Mammoth Area Geologic Highlights
Mammoth Hot Springs
Mammoth Hot Springs are a surficial expression of the deep volcanic forces at work in Yellowstone. Although these springs lie outside the caldera boundary, scientists surmise that the heat from the hot springs comes from the same magmatic system that fuels other Yellowstone thermal areas. A large fault system runs between Norris Geyser Basin and Mammoth, which may allow thermal water to flow between the two. Also, multiple basalt eruptions have occurred in this area. Thus, basalt may be a heat source for the Mammoth area.
The Mammoth area exhibits much evidence of glacial activity from the Pinedale Glaciation. The summit of Terrace Mountain is covered with glacial till, thereby dating the travertine formation there to earlier than the end of the Pinedale Glaciation. Several thermal kames, including Capitol Hill and Dude Hill, are major features of the Mammoth Village area. Ice-marginal stream beds are in evidence in the small, narrow valleys where Floating Island Lake and Phantom Lake are found. In Gardner Canyon, one can see the old, sorted gravel bed of the Gardner River covered by unsorted glacial till.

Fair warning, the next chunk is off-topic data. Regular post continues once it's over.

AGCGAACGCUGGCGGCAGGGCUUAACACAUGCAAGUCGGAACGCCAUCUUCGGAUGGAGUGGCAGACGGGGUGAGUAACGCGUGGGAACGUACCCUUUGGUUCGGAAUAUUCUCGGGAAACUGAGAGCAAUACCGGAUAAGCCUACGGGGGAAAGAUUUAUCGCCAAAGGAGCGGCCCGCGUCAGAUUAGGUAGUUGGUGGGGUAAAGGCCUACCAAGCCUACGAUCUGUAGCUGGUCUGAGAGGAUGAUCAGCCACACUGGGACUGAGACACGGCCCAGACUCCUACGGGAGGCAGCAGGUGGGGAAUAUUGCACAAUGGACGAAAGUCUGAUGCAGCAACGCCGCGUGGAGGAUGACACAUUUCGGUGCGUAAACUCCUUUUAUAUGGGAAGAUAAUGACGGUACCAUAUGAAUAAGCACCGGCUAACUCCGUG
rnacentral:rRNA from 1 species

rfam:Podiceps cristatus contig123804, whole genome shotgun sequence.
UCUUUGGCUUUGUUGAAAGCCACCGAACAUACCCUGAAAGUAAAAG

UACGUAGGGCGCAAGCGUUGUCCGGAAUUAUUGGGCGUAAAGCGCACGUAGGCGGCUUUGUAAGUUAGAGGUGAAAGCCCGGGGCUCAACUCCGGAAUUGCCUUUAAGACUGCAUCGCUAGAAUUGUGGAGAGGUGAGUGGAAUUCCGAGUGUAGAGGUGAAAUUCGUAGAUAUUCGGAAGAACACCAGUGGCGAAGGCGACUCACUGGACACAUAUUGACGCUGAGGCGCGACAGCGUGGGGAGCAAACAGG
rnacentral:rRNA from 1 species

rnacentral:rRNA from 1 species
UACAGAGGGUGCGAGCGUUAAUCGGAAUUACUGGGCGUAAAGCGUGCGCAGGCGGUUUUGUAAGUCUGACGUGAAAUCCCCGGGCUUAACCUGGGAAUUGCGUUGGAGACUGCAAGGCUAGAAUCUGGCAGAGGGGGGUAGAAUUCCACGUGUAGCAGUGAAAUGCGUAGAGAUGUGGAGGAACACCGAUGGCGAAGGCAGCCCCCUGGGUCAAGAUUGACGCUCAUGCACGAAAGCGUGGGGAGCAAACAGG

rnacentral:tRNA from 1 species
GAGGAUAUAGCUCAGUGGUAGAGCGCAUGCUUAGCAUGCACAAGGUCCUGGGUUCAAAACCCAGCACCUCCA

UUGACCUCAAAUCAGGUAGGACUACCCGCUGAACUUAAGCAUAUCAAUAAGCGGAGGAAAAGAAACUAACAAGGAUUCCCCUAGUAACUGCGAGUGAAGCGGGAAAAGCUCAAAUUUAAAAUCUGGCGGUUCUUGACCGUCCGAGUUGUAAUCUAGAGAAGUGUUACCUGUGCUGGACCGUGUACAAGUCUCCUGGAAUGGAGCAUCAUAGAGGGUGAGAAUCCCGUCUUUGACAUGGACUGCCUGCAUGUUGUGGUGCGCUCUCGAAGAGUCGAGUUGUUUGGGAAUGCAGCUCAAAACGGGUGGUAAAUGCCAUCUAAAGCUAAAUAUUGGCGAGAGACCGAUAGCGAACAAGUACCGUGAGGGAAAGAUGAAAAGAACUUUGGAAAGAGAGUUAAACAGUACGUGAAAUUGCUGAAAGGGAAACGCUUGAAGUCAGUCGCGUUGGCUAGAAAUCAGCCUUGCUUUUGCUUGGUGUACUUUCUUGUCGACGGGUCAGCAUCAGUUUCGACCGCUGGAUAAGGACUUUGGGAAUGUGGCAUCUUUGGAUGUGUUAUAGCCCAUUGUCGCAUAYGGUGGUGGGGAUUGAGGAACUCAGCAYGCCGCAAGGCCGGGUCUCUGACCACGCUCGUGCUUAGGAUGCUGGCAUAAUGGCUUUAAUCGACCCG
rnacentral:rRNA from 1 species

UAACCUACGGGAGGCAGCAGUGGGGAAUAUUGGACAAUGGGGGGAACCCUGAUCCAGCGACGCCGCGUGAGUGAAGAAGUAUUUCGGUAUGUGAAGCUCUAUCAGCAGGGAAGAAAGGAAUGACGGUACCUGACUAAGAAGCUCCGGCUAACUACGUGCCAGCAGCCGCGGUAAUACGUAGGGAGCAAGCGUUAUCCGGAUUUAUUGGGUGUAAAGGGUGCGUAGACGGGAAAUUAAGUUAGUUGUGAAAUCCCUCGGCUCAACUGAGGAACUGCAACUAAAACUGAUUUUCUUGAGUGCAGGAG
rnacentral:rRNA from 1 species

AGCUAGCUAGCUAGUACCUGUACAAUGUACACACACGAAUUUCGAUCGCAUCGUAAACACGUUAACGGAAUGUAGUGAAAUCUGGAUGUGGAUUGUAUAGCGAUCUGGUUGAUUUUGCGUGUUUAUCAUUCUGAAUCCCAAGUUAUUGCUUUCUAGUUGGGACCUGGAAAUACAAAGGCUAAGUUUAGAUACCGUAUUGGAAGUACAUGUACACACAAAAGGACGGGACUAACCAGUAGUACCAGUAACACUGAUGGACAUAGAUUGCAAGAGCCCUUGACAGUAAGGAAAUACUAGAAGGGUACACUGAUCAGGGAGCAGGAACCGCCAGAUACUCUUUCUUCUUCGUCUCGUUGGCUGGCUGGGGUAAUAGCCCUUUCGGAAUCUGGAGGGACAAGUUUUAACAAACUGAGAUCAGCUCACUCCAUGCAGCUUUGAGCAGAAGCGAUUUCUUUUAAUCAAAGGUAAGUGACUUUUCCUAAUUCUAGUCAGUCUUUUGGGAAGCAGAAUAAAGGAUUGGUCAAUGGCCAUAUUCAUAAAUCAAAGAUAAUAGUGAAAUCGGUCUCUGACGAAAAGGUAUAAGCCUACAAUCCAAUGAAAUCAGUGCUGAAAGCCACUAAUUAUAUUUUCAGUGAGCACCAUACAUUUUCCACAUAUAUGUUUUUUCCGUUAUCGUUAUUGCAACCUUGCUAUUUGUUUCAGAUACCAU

Be sure to review our Mammoth Hot Springs Online Tour.
For other geological information, please see Natural Highlights of the Mammoth Area.
Did You Know?
Some groups of Shoshone Indians, who adapted to a mountain existence, chose not to acquire the horse. These included the Sheep Eaters, or Tukudika, who used dogs to transport food, hides, and other provisions. The Sheep Eaters lived in many locations in Yellowstone.